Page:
But since all the content is static, how can we get dynamic data?

That's when the APIs part comes into play, we can make a request or handle authorization with APIs. Let's take as an example an e-commerce app, you are using a static site generator to develop the markup, but how we can get the products data?

There's an interesting concept known as headless CMS where we can store and update the products so that later we can access them into our JAMstack app. Now you may be asking how is this different from a traditional CMS like Wordpress, let's explain that.

A headless CMS makes your content accessible via Graphql or Rest APIs, it doesn't matter where your data get displayed, this headless CMS just store and then deliver that data. On the other hand a traditional CMS like Wordpress stores not only the content but the frontend part of the app to render that particular content.

Like SSG there are plenty of headless CMS options, according to your needs, choose the right one for your app.

A headless CMS is not the only way to handle dynamic data in your app, you may need custom work for your app, even if you want to store some input from the user. You may be thinking that you need a server and a database, but not exactly. We can manage those features with serverless functions and DBaaS (Database as a Service).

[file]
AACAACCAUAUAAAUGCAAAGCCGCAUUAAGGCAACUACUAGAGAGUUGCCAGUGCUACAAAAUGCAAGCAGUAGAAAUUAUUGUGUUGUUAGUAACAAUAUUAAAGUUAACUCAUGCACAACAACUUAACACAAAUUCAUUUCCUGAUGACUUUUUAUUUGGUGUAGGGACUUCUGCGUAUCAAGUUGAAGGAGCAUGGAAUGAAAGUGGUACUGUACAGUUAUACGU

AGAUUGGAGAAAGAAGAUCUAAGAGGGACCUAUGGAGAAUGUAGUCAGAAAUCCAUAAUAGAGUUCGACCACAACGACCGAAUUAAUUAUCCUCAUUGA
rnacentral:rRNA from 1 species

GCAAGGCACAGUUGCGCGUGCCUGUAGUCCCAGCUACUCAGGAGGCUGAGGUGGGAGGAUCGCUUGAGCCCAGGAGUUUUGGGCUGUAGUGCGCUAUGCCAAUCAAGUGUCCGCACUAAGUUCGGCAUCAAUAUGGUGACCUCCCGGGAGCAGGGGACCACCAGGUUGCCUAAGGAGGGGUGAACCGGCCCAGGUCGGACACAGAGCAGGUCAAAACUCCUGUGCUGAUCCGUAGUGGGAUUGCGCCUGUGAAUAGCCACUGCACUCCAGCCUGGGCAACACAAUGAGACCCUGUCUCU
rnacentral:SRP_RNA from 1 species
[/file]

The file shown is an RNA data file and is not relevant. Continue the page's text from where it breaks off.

Advantages

Since we talked about how the JAMstack works, and what are the tools you can use, let's get right into the advantages of this way of building websites.

  • Performance: Since we served static files, these are incredibly fast.

  • Cheaper: Hosting those files is cheaper.

  • Security: With the processes abstracted into APIs, areas for attacks are reduced.

  • Developer Experience: More focused development for frontends because we remove the need to maintain a separate stack.

I hope you find this article useful, personally I'm trying Gatsby and it has been great. If you are looking for a new way to build your next app, try the JAMstack.

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Discussion

markdown guide
 

My implementation of the JAMStack has truly decoupled components, a great user experience, and did I mention....

...it tastes great?